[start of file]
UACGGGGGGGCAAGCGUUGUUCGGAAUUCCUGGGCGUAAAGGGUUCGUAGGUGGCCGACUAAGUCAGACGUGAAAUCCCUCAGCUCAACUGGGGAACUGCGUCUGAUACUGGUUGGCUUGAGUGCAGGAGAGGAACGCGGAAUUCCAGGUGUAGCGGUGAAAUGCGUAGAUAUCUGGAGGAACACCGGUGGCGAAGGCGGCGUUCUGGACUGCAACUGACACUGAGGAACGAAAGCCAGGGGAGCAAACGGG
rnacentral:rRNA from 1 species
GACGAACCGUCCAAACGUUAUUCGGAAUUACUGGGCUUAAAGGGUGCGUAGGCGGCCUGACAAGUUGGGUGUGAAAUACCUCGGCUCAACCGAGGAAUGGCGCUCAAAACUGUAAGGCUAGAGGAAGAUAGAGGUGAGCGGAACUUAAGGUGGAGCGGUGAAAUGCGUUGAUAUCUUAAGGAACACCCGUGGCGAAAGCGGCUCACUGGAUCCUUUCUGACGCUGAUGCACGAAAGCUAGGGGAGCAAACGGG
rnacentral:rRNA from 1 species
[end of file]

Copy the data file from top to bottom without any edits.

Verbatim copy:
UACGGGGGGGCAAGCGUUGUUCGGAAUUCCUGGGCGUAAAGGGUUCGUAGGUGGCCGACUAAGUCAGACGUGAAAUCCCUCAGCUCAACUGGGGAACUGCGUCUGAUACUGGUUGGCUUGAGUGCAGGAGAGGAACGCGGAAUUCCAGGUGUAGCGGUGAAAUGCGUAGAUAUCUGGAGGAACACCGGUGGCGAAGGCGGCGUUCUGGACUGCAACUGACACUGAGGAACGAAAGCCAGGGGAGCAAACGGG
rnacentral:rRNA from 1 species
GACGAACCGUCCAAACGUUAUUCGGAAUUACUGGGCUUAAAGGGUGCGUAGGCGGCCUGACAAGUUGGGUGUGAAAUACCUCGGCUCAACCGAGGAAUGGCGCUCAAAACUGUAAGGCUAGAGGAAGAUAGAGGUGAGCGGAACUUAAGGUGGAGCGGUGAAAUGCGUUGAUAUCUUAAGGAACACCCGUGGCGAAAGCGGCUCACUGGAUCCUUUCUGACGCUGAUGCACGAAAGCUAGGGGAGCAAACGGG
rnacentral:rRNA from 1 species